Evidence for an association between police numbers and violent crime is
b. A summary of existing studies would put the elasticity of property crime
in relation to police numbers at approximately -0.3 – that is, a 10 per cent
increase in officers will lead to a reduction in crime of around 3 per cent
(and vice versa). ‘Conclusion’ at this stage is a misnomer. Despite the apparent consistency of recent research it is too early to say, for all the reasons given above, that there is a direct causal link between higher numbers of police and lower crime. Considerably more work would need to be done before such a claim could be made. In particular, more work is needed on the difference in the (potential) effect of specific, large-scale changes in deployment patterns due to terrorist attacks and other shocks, and that of general numbers of police or arrest rates averaged across a large number of areas. A related task is to locate the boundary between marginal changes in numbers – which go unnoticed – and gross changes – which can have a marked impact on crime. What seems fair to say, however,is that there is relatively strong evidence for the potential of an effect of police numbers on crime, particularly with regard to property and other acquisitive forms of offending.

In plainer words, we don’t know the links between police numbers and crime.

Many people have become fed-up with our public services generally and we hear a great deal about how much better they would be in the hands of the much more efficient private sector.  This is that private sector that sends jobs abroad, ‘pays’ a few people fortunes and turns out to have been involved in all kinds of excess and inefficiency the tax payer has had to fund and hasn’t finished funding.

We need more police not less and there is a labour force with nothing else to do waiting to do the job.  “Economics” means we can’t go down this route.  Police inefficiency is due to factors across the CJS and our society generally – yet the ‘only means’ to fix this is to sack a load of people – most trying their best.

The idea of a link between police numbers and crime is silly.  Roughly speaking, British Leyland might have needed 60 workers to produce one car and a modern plant 6 – yet the new plant has all kinds on innovation and investment.  Copperfield has made this point in comparing his jobs here and in Canada.  There are clearly likely to be many links between police numbers, investment, system improvements and social conditions and crime.

Factories wiped out people and yet increased production – but this was nearly always because of new machines and improved business processes.  Whilst I believe we need radical economic solutions to much wider problems, police staff could have been offered other solutions, such as wage cuts and salary caps to cope with the cuts.

The real issues of crime and policing it remain unaddressed.  In terms of increases in crime, the collapse of world economics is likely to be a bigger factor than any redundancies in police staff.  It is doubtful that police really prevent crime as many anti-social crime incidents merely repeat because the intervention of agencies is so useless anyway.  Doubling or halving useless action is not likely to lead to change.  If police could attend Pilkington-like incidents and stop them more officers would not be needed – as they can’t stop the jerks involved prevention would entail vast presence and number increase to prevent by presence.

This kind of sacking to make cuts is stupid in a world in which the private sector cannot take up the slack.  Apart from anything else, those officers left in post will be over-paid against the norms now – the salary cap and pay cut route presents much more value for the tax payer and for the poor sods who lose their jobs and probably for those left with increasing demand.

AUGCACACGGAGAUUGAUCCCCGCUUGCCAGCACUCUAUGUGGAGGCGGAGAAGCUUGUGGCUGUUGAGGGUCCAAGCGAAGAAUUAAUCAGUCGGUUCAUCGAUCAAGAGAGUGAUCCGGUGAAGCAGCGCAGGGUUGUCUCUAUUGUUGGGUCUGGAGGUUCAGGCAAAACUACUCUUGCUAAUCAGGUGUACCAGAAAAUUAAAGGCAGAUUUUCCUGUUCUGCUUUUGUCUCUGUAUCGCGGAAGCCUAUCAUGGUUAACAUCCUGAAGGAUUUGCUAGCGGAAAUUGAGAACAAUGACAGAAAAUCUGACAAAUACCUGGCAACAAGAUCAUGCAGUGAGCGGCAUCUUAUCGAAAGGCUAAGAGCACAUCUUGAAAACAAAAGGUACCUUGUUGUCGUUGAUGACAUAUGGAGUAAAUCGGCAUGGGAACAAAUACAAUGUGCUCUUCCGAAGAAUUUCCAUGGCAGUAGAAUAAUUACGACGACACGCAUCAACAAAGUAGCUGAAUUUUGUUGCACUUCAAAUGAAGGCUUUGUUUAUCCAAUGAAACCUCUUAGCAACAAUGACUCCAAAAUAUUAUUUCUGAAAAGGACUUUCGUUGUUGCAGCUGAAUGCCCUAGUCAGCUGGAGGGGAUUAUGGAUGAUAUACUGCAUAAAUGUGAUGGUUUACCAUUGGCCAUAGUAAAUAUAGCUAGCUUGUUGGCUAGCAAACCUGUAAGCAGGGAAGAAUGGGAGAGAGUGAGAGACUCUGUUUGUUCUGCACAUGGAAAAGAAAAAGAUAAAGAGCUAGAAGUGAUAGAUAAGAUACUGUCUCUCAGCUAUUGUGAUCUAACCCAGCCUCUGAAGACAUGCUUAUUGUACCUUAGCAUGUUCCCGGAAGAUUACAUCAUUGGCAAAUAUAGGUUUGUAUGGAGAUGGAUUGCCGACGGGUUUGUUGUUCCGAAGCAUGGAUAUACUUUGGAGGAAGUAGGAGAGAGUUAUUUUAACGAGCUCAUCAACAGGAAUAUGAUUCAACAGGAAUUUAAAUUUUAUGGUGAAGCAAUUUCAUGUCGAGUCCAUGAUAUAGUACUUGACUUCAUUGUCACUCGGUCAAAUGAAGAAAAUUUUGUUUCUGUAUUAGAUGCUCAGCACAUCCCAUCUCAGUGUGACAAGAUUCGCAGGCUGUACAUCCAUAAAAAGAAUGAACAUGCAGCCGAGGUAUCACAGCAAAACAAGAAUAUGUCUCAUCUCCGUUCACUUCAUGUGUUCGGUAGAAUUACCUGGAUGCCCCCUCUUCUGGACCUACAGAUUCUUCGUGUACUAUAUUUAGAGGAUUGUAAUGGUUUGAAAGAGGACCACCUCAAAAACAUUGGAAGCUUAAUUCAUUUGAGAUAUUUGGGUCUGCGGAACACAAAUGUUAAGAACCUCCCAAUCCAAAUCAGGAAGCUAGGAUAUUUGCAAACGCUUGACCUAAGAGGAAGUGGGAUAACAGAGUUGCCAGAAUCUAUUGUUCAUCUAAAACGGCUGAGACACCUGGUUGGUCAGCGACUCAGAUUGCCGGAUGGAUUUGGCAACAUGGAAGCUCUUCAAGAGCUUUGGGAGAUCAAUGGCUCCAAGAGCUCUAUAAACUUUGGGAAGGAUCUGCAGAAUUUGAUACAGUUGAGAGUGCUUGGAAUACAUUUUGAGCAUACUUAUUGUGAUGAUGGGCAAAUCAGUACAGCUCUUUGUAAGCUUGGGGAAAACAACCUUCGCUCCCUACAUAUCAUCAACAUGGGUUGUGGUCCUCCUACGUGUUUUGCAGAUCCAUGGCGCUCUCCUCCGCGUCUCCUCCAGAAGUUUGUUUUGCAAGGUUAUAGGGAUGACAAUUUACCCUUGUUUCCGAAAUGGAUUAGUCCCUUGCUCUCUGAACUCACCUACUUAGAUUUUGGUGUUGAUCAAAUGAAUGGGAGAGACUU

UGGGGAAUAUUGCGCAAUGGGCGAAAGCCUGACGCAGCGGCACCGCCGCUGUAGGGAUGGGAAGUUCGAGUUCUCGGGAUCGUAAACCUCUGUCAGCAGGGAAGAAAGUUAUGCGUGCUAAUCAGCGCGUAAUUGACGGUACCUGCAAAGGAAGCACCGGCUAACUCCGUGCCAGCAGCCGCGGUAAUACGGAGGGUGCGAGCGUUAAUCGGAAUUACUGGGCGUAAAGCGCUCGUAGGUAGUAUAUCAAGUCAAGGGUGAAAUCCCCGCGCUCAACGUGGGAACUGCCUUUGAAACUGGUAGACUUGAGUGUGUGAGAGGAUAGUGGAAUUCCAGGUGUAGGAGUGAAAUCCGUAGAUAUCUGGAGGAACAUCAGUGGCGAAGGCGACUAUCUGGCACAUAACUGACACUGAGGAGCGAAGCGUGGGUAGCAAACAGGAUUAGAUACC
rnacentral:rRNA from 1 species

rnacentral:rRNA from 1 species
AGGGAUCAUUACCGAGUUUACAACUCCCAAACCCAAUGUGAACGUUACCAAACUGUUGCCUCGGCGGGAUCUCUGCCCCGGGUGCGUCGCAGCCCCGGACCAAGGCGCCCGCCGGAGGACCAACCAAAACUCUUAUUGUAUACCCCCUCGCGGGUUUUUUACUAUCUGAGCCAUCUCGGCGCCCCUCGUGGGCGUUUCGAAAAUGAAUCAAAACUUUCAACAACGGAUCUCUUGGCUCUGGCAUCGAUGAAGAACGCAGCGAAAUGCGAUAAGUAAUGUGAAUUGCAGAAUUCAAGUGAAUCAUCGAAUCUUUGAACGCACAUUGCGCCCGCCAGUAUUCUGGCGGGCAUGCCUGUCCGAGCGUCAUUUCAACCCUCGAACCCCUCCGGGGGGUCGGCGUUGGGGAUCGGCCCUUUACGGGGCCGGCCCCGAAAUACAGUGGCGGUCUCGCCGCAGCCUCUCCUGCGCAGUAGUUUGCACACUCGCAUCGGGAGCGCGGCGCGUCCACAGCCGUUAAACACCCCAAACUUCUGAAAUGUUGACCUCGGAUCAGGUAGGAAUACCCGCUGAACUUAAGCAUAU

Whirlwind From Police Cuts?

GMP is looking at cutting 3,100 jobs, including maybe 1500 warranted officers.  If, for the sake of argument this can be done without serious damage to frontline quality, this suggests quite massive failures in previous management -a police authority and SMT presiding over serious waste of public money.  This should hardly give us much faith in the same senior people being able to come up with the right answers now.

It’s very difficult to spot any sense of ‘reform’ ideas amongst our police.  Copperfield, now working in Canada, has suggested that cuts of this magnitude, along with sensible use of technology and procedural changes through what we might call business process analysis can be sustained along with improvement.  I tend to believe he is right and that inept management in our CJS has been a severe problem.  I say this because Britain is generally bad at productivity.  The police may be an exception.

Reorganisations in the UK tend to fail.  The ‘answers’ have been to bring market disciplines and shift from existing industries to others deemed more profitable, with no real sign much happens other than the loss of industry-sectors, skill bases and conditions of service.  Management empires burgeon, along with Soviet-style performance management creatures, statistical lying and the removal of what little effective complaint systems were in place.

The current public sector cuts do not seem to come as part of any strategic plan (I mean a genuine one, not that Mumbo-Jumbo about mission statements clown managers qualified by a sip of patent management development medicine think is intelligent).  Most organisations can be made more efficient by removing LOMBARDS, cutting people, wages, removing layers of rank and cash-limits.  Property can also be sold off.

One of the keys in ‘right-sizing’ is that the people left will work harder and establish a learning curve that  makes the work manageable over time.  Quite brutal outside management is usually brought in to do this.  I forget the figures now, but the take over of the Imperial Group was a massive success of this type.  One hardly sees one of today’s Hansons trying to take over policing though.

I fear for the health and safety of front-line police officers as this crude slash and burn tactic is dealt with by managers who have so clearly failed to identify necessary changes in the past, or even been able to speak up  about what was going wrong.  A new Channel 4 programme, ‘Cops’, may even top Gadget on what many officers feel is going wrong, and at least some faces will not be pixilated.

I have little doubt much of our criminal justice could be more summary and fairer, and much of our street policing more decisive.  What I would have expected with the announcement of the cuts is some general strategy from government.  It is quite obvious that police have not been able to speak about their real problems in a constructive manner and have not been able to ‘learn lessons’ at managerial level.  I fear a whirlwind and that the brunt will be borne by victims and street-officers.